By: Suraya Raiszada
UNHCR, the UN Refugee Agency, is appealing for intensified support for displaced Afghans and their hosting communities, ahead of the first-ever Global Refugee Forum in Geneva, next week.
As we enter the fifth decade of Afghan displacement, some 4.6 million Afghans remain uprooted globally – including some 2.7 million registered as refugees, and another two million displaced inside Afghanistan. Afghans represent the longest displaced and the longest dispossessed population under UNHCR’s mandate worldwide.
An overwhelming majority of some 90% Afghan refugees remain in the Islamic Republics of Pakistan and Iran. Afghans are also the single largest group of asylum-seekers arriving in Europe, due to a sharp deterioration in security in Afghanistan, and increasing financial pressure on hosting nations.
In both Iran and Pakistan, Afghan refugees access education and national healthcare systems. The results of this inclusive approach have been remarkable and world-leading. In Iran, the literacy of Afghan children has risen more than tenfold since 1979. Official figures estimate that some 480,000 Afghan refugees and undocumented children are currently enrolled in school for 2019-2020, indicating a continuing increase from previous years.
In Pakistan, the Government and UNHCR are working together under the Refugee Affected and Hosting Areas (RAHA) initiative to boost support to host communities and alleviate the burden placed on infrastructure and resources. Since 2009, these programs have benefitted more than 12.4 million Pakistanis and Afghan refugees in total.
Inside Afghanistan, the Government is partnering with UNHCR and others to support returnees and host communities with return and reintegration projects, focusing on livelihoods, education, healthcare support and energy. This year alone, approximately 350,000 Afghans have been helped by sustainable development initiatives promoting access to key infrastructure including energy, education and affordable housing.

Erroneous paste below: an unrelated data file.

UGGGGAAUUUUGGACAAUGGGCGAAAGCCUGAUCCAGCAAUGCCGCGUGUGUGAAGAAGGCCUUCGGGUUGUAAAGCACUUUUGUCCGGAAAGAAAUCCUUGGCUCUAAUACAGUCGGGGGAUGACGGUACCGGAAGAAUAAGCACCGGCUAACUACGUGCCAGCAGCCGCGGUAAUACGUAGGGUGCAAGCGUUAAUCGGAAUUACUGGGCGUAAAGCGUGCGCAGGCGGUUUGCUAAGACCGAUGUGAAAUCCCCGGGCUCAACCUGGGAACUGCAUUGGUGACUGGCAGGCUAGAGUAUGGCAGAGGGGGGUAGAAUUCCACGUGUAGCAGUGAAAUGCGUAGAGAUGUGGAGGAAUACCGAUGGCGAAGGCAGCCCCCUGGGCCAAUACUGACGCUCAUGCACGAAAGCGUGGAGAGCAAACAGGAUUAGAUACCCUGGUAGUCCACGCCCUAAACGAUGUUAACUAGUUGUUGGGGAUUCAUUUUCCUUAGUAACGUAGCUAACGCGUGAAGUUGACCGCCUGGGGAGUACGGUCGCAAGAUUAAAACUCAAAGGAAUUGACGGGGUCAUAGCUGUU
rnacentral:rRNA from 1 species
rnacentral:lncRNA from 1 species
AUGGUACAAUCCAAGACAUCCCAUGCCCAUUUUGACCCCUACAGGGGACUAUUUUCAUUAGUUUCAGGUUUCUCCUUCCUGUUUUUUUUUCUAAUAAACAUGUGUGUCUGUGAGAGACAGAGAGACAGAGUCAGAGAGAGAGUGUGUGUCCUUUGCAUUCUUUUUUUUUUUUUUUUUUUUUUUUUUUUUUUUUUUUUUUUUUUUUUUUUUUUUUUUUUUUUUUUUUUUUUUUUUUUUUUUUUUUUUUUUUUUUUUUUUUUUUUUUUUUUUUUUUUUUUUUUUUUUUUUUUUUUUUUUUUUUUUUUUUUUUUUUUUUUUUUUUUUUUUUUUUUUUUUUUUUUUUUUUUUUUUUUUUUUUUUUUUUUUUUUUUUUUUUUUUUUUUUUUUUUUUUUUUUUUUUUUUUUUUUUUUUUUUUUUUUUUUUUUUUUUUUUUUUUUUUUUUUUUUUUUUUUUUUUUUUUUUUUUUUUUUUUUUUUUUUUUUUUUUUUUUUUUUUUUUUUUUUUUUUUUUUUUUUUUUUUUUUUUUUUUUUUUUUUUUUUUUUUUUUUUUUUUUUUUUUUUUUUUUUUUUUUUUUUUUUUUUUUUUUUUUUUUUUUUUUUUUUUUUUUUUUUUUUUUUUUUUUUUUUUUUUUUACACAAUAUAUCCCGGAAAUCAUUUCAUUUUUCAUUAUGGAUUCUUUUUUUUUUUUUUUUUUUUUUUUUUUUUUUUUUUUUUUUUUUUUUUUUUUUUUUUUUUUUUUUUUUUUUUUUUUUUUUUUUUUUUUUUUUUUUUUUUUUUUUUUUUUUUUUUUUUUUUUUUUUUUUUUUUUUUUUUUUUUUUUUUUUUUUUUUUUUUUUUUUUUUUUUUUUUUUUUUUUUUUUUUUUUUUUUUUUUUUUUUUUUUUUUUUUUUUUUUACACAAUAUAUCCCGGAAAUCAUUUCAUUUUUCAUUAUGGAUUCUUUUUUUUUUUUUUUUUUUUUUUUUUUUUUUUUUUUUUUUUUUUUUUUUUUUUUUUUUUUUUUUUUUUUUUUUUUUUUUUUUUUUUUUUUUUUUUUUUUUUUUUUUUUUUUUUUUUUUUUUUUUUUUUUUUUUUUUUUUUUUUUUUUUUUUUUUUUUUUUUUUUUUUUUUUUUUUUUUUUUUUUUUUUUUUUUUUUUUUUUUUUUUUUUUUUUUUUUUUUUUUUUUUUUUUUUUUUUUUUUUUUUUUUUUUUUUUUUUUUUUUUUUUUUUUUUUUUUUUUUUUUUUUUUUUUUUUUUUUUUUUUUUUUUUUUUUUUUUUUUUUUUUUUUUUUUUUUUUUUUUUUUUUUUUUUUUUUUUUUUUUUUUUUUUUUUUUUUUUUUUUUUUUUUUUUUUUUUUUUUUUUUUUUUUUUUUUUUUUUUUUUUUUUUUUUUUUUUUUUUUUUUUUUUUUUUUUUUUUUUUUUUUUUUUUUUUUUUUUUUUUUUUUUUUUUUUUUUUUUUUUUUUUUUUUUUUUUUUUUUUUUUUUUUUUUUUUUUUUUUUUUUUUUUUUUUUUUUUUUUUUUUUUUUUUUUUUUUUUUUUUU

The overwhelming majority of Afghans both within the country and in exile are youth. In Pakistan and Iran, approximately three quarters are under the age of 25. These young refugees are the future of Afghanistan and are critical to shaping their communities – but they will require more support to do so.
As the world comes together for the Global Refugee Forum next week, it is imperative that those affected by decades of Afghan displacement remain a shared priority.
Meanwhile, a number of Afghan political experts have considered the migration issue of Afghans in foreign countries as one of the most principal challenges of Afghanistan people, stressing on world support to Afghan refugees.
“Migration is a common issue and one of basics of human life, but there are various reasons behind migration of Afghans to foreign countries,” said Saifuddin Saihoon, a lecturer of Kabul University.
He added migration of Afghans to foreign countries was because of increasing insecurities, unemployment and poverty, stressing that this was the responsibility of the government to provide better opportunities for its citizens to prevent them from migration to foreign countries.
It is worth mentioning that a three-day global gathering aimed at transforming the way the world responds to refugee situations starts today in Geneva, Switzerland.
The first-ever Global Refugee Forum brings together refugees, heads of state and government, UN leaders, international institutions, development organizations, business leaders and civil society representatives, among others, at the Palais des Nations, the home of the United Nations Office at Geneva.